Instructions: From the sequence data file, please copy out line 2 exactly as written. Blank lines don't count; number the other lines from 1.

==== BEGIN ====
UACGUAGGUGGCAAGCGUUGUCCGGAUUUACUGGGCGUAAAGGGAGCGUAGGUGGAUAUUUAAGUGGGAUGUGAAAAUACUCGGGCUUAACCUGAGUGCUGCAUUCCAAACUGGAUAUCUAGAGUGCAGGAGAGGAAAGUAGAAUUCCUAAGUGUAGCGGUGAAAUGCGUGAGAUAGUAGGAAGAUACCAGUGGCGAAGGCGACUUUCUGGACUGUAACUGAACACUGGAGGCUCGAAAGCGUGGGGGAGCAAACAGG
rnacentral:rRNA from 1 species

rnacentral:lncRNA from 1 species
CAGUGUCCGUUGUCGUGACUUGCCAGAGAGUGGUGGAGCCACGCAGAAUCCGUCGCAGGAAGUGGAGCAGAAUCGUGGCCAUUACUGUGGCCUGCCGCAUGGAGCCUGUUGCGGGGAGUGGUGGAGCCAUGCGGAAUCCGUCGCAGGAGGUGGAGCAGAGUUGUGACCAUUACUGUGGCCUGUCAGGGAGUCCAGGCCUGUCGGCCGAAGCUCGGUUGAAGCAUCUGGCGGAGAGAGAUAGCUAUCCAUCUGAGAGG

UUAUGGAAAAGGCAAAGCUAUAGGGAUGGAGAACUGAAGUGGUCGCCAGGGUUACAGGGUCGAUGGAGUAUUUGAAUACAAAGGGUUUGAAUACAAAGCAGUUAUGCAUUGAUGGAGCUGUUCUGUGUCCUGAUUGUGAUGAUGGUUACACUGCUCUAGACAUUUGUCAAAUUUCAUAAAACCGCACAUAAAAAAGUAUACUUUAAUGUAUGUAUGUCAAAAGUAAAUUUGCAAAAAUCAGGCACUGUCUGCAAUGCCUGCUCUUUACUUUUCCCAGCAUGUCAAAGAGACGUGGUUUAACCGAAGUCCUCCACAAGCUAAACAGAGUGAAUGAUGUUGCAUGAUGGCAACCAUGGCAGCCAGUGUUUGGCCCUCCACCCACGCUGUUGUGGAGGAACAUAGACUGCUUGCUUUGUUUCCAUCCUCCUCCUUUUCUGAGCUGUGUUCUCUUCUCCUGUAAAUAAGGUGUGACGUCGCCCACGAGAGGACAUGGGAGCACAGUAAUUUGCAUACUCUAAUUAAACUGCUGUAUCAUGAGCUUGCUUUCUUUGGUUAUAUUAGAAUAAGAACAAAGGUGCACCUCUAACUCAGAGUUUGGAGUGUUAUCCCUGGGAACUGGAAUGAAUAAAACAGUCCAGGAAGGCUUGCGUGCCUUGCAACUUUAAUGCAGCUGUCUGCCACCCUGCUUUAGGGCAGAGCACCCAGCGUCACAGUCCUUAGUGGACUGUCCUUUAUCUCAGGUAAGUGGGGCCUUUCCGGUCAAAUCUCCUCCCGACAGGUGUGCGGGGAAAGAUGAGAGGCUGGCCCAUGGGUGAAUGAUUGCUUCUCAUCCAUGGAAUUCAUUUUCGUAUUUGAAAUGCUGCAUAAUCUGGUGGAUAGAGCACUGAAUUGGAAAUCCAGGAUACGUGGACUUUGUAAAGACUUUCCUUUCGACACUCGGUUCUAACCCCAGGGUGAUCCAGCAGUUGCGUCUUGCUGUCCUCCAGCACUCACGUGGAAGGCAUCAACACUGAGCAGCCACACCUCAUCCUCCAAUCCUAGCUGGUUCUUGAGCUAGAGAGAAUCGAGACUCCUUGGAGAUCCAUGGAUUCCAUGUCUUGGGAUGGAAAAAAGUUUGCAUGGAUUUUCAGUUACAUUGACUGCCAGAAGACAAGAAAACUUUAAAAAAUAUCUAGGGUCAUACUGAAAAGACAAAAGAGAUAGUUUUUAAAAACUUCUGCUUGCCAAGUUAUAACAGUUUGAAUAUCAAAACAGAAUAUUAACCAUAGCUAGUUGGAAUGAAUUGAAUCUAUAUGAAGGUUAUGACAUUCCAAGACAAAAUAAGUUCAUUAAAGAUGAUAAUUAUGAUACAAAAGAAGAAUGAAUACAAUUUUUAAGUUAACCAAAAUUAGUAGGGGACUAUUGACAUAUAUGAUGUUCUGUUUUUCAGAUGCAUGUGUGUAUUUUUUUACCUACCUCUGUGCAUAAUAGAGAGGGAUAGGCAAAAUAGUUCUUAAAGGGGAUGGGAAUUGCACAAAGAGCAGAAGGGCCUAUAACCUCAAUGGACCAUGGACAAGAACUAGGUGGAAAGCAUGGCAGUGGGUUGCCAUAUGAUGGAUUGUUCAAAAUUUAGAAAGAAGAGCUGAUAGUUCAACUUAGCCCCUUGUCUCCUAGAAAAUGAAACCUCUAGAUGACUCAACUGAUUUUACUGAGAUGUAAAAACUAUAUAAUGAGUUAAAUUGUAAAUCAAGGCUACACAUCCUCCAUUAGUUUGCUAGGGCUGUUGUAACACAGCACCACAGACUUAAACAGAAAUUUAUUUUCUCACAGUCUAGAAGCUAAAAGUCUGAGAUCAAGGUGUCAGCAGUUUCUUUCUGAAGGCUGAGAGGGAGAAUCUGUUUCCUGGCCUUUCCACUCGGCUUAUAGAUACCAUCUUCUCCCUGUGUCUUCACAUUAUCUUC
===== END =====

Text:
rnacentral:rRNA from 1 species